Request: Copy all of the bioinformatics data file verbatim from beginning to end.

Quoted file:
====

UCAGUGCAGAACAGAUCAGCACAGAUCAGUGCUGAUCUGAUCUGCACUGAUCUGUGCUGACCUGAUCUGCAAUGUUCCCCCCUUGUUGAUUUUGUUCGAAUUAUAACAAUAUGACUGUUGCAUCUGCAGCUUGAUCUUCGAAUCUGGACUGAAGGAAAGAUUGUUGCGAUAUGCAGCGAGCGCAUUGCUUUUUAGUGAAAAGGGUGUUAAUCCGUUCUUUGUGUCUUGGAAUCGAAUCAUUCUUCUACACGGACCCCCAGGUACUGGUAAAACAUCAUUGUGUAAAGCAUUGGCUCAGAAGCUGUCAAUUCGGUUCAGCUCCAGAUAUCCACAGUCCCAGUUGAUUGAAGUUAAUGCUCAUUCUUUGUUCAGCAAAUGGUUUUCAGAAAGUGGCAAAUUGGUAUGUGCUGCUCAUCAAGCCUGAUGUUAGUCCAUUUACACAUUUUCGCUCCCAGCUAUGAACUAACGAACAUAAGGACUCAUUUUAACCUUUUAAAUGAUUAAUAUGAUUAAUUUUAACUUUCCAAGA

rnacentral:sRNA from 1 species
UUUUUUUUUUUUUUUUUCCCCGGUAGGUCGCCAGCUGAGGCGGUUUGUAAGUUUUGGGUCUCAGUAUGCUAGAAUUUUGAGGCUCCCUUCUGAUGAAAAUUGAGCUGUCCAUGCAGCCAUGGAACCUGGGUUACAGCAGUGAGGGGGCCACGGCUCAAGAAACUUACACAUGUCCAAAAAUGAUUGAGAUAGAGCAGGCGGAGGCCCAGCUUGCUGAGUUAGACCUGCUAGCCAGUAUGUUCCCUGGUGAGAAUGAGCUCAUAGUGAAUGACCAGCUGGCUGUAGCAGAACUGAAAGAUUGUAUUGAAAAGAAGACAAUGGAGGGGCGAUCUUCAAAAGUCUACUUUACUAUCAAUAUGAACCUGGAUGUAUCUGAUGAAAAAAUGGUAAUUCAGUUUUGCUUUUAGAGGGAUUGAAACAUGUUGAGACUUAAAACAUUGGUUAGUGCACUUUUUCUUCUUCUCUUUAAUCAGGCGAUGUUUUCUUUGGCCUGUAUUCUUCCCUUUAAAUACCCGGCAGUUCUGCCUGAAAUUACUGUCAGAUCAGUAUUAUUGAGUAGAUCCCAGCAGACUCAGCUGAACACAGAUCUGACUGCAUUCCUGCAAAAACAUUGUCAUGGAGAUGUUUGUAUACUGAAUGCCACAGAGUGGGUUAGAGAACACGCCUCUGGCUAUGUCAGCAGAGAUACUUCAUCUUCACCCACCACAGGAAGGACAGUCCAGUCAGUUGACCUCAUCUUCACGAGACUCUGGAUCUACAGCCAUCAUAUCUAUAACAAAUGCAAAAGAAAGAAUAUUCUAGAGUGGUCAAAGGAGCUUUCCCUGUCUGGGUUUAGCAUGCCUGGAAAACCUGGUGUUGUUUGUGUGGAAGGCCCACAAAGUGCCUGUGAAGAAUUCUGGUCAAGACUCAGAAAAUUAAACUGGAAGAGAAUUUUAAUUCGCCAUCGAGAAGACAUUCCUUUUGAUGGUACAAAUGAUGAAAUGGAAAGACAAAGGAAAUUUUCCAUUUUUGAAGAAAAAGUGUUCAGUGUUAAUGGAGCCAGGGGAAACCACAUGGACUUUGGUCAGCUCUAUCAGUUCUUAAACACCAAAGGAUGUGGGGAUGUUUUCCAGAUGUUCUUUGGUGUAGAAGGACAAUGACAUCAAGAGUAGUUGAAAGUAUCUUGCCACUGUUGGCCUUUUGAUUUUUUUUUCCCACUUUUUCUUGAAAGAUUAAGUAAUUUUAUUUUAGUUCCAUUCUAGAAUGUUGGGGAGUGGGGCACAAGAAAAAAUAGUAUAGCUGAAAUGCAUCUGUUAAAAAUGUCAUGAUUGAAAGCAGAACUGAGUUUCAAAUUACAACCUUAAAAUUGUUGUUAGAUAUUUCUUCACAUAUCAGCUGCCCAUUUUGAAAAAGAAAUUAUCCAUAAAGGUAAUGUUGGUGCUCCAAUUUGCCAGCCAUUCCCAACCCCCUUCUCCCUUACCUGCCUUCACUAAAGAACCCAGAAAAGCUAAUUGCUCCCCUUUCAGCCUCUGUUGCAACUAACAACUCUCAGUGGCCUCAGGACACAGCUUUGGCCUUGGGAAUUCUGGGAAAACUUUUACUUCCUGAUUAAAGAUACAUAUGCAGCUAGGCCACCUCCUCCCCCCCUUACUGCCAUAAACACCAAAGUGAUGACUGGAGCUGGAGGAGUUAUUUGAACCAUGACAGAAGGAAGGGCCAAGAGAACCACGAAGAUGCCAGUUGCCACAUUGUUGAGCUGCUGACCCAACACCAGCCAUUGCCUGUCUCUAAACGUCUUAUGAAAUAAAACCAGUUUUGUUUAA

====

UCAGUGCAGAACAGAUCAGCACAGAUCAGUGCUGAUCUGAUCUGCACUGAUCUGUGCUGACCUGAUCUGCAAUGUUCCCCCCUUGUUGAUUUUGUUCGAAUUAUAACAAUAUGACUGUUGCAUCUGCAGCUUGAUCUUCGAAUCUGGACUGAAGGAAAGAUUGUUGCGAUAUGCAGCGAGCGCAUUGCUUUUUAGUGAAAAGGGUGUUAAUCCGUUCUUUGUGUCUUGGAAUCGAAUCAUUCUUCUACACGGACCCCCAGGUACUGGUAAAACAUCAUUGUGUAAAGCAUUGGCUCAGAAGCUGUCAAUUCGGUUCAGCUCCAGAUAUCCACAGUCCCAGUUGAUUGAAGUUAAUGCUCAUUCUUUGUUCAGCAAAUGGUUUUCAGAAAGUGGCAAAUUGGUAUGUGCUGCUCAUCAAGCCUGAUGUUAGUCCAUUUACACAUUUUCGCUCCCAGCUAUGAACUAACGAACAUAAGGACUCAUUUUAACCUUUUAAAUGAUUAAUAUGAUUAAUUUUAACUUUCCAAGA

rnacentral:sRNA from 1 species
UUUUUUUUUUUUUUUUUCCCCGGUAGGUCGCCAGCUGAGGCGGUUUGUAAGUUUUGGGUCUCAGUAUGCUAGAAUUUUGAGGCUCCCUUCUGAUGAAAAUUGAGCUGUCCAUGCAGCCAUGGAACCUGGGUUACAGCAGUGAGGGGGCCACGGCUCAAGAAACUUACACAUGUCCAAAAAUGAUUGAGAUAGAGCAGGCGGAGGCCCAGCUUGCUGAGUUAGACCUGCUAGCCAGUAUGUUCCCUGGUGAGAAUGAGCUCAUAGUGAAUGACCAGCUGGCUGUAGCAGAACUGAAAGAUUGUAUUGAAAAGAAGACAAUGGAGGGGCGAUCUUCAAAAGUCUACUUUACUAUCAAUAUGAACCUGGAUGUAUCUGAUGAAAAAAUGGUAAUUCAGUUUUGCUUUUAGAGGGAUUGAAACAUGUUGAGACUUAAAACAUUGGUUAGUGCACUUUUUCUUCUUCUCUUUAAUCAGGCGAUGUUUUCUUUGGCCUGUAUUCUUCCCUUUAAAUACCCGGCAGUUCUGCCUGAAAUUACUGUCAGAUCAGUAUUAUUGAGUAGAUCCCAGCAGACUCAGCUGAACACAGAUCUGACUGCAUUCCUGCAAAAACAUUGUCAUGGAGAUGUUUGUAUACUGAAUGCCACAGAGUGGGUUAGAGAACACGCCUCUGGCUAUGUCAGCAGAGAUACUUCAUCUUCACCCACCACAGGAAGGACAGUCCAGUCAGUUGACCUCAUCUUCACGAGACUCUGGAUCUACAGCCAUCAUAUCUAUAACAAAUGCAAAAGAAAGAAUAUUCUAGAGUGGUCAAAGGAGCUUUCCCUGUCUGGGUUUAGCAUGCCUGGAAAACCUGGUGUUGUUUGUGUGGAAGGCCCACAAAGUGCCUGUGAAGAAUUCUGGUCAAGACUCAGAAAAUUAAACUGGAAGAGAAUUUUAAUUCGCCAUCGAGAAGACAUUCCUUUUGAUGGUACAAAUGAUGAAAUGGAAAGACAAAGGAAAUUUUCCAUUUUUGAAGAAAAAGUGUUCAGUGUUAAUGGAGCCAGGGGAAACCACAUGGACUUUGGUCAGCUCUAUCAGUUCUUAAACACCAAAGGAUGUGGGGAUGUUUUCCAGAUGUUCUUUGGUGUAGAAGGACAAUGACAUCAAGAGUAGUUGAAAGUAUCUUGCCACUGUUGGCCUUUUGAUUUUUUUUUCCCACUUUUUCUUGAAAGAUUAAGUAAUUUUAUUUUAGUUCCAUUCUAGAAUGUUGGGGAGUGGGGCACAAGAAAAAAUAGUAUAGCUGAAAUGCAUCUGUUAAAAAUGUCAUGAUUGAAAGCAGAACUGAGUUUCAAAUUACAACCUUAAAAUUGUUGUUAGAUAUUUCUUCACAUAUCAGCUGCCCAUUUUGAAAAAGAAAUUAUCCAUAAAGGUAAUGUUGGUGCUCCAAUUUGCCAGCCAUUCCCAACCCCCUUCUCCCUUACCUGCCUUCACUAAAGAACCCAGAAAAGCUAAUUGCUCCCCUUUCAGCCUCUGUUGCAACUAACAACUCUCAGUGGCCUCAGGACACAGCUUUGGCCUUGGGAAUUCUGGGAAAACUUUUACUUCCUGAUUAAAGAUACAUAUGCAGCUAGGCCACCUCCUCCCCCCCUUACUGCCAUAAACACCAAAGUGAUGACUGGAGCUGGAGGAGUUAUUUGAACCAUGACAGAAGGAAGGGCCAAGAGAACCACGAAGAUGCCAGUUGCCACAUUGUUGAGCUGCUGACCCAACACCAGCCAUUGCCUGUCUCUAAACGUCUUAUGAAAUAAAACCAGUUUUGUUUAA